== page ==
runtime: stacktrace for deferred code which panics is too subtle for me #45794
Reproduced with 1.16.3.
What did you expect to see?
Any way to guess what was deferred, or ideally, where it was deferred.
If you substitute a function literal, like
But also, I'd like to see the original "write to nil map" panic and not have it get swallowed by the second panic from the deferred code.
What did you see instead?
A stack trace which looks like something in runtime double-unlocked, even though actually it's my code that has the bug, and no reference to the line of code where the defer was.
It's conceivable that a clearer unwinding of this could show some of that information, although it's a bit tricky to express clearly. This might actually be two distinct requests for changes to the stack trace, one for "the defer should be annotated with its source line", and one for "it'd be nice not to lose the original panic". I'm not sure.
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A lot of what you ask for is there, albeit somewhat hidden.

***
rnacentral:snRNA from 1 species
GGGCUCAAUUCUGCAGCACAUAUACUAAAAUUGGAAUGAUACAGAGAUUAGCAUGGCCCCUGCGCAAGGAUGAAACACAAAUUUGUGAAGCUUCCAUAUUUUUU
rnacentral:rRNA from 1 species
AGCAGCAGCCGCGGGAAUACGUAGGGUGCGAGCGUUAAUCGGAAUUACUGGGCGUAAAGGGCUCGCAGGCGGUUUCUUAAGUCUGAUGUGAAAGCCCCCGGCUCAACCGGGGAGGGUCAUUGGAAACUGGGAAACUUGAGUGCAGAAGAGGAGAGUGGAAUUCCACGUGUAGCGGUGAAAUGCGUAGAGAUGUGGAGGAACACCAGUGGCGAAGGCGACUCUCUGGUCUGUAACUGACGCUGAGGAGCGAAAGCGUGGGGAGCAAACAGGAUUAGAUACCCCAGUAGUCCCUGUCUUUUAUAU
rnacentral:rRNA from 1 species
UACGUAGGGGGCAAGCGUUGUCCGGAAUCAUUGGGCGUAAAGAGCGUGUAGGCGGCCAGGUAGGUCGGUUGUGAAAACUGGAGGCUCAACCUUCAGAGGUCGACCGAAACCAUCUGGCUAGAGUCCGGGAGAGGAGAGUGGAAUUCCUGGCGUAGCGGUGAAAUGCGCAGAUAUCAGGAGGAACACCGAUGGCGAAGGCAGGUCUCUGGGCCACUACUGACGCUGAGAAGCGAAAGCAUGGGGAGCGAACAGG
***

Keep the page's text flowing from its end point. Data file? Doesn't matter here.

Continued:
Halfway down your stack trace, there is a panic. That's the nil map panic. The subsequent entries are the stack from there until the double-unlock throw.
I'm surprised there's nothing at line 16. I thought we made defers look like they were called at the closing bracket of the function that deferred them. Maybe that's only defers called from the non-panic path, though.
I feel like there might be something to fix here, but I'm not sure what concrete steps that would involve.
Yes. For panicking case the return statement (or the implicit return at the end of the function) is not executed, and the deferred the function is not triggered from there.
This example is also interesting in that it is a runtime fatal error, instead of an ordinary user panic. For an ordinary panic, many intermediate runtime frames are not shown: https://play.golang.org/p/nlGlx9cSQ5y